Definition of incantation in English:

incantation

Line breaks: in¦can|ta¦tion
Pronunciation: /ɪnkanˈteɪʃ(ə)n
 
/

noun

1A series of words said as a magic spell or charm: an incantation to raise the dead
More example sentences
  • But inside, there were all kinds of unbelievable spells, incantations, charms, potion recipes, and information about magic.
  • Along with the spells, charms, incantations, and potion recipes, there were manuals, instructions, factoids, magical messages, and even stories.
  • With great solemnity, they prepared the sleeping body of Miri with magic charms and incantations, and called upon the ancestors and the gods to call away Karkameni.
Synonyms
chant, invocation, conjuration, magic spell, magic formula, rune; abracadabra, open sesame; North Americanhex, mojo; New Zealandmakutu
1.1 [mass noun] The use of words as a magic spell: there was no magic in such incantation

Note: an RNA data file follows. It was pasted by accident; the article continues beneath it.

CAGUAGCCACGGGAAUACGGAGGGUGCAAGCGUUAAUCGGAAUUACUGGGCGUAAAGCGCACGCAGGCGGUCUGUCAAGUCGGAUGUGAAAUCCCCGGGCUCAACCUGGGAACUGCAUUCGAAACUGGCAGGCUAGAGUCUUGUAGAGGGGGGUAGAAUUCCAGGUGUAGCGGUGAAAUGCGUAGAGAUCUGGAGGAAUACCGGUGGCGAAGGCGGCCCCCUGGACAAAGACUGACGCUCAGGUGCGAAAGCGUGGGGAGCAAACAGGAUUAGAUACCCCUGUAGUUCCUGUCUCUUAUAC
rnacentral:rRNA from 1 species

More example sentences
  • Is rhetoric, as the ancients posed, a form of incantation or magic?
  • Again there is nothing of magic, or casting of spells, or of incantation.
  • The murmur of incantation gurgled into silence, but not before a blazing inferno of heat erupted around him.
Synonyms

Origin

late Middle English: via Old French from late Latin incantatio(n-), from incantare 'chant, bewitch' (see incant).

Derivatives

incantatory

adjective
More example sentences
  • Wells has received insufficient credit as a writer of rhythmic, incantatory prose, long-breath paragraphs to cut against his tight journalistic reportage.
  • The section's title poem, an incantatory piece, again acknowledges the weight of exchange, although the poem feels buoyant and light; it is a kind of waking song for the narrator's yet-unborn baby.
  • With the exception of nine lineated and titled poems spread throughout the text, Spar is a collection of untitled prose poems, giving it the feel of a book-length work as the incantatory intensity of each poem bleeds into the next.

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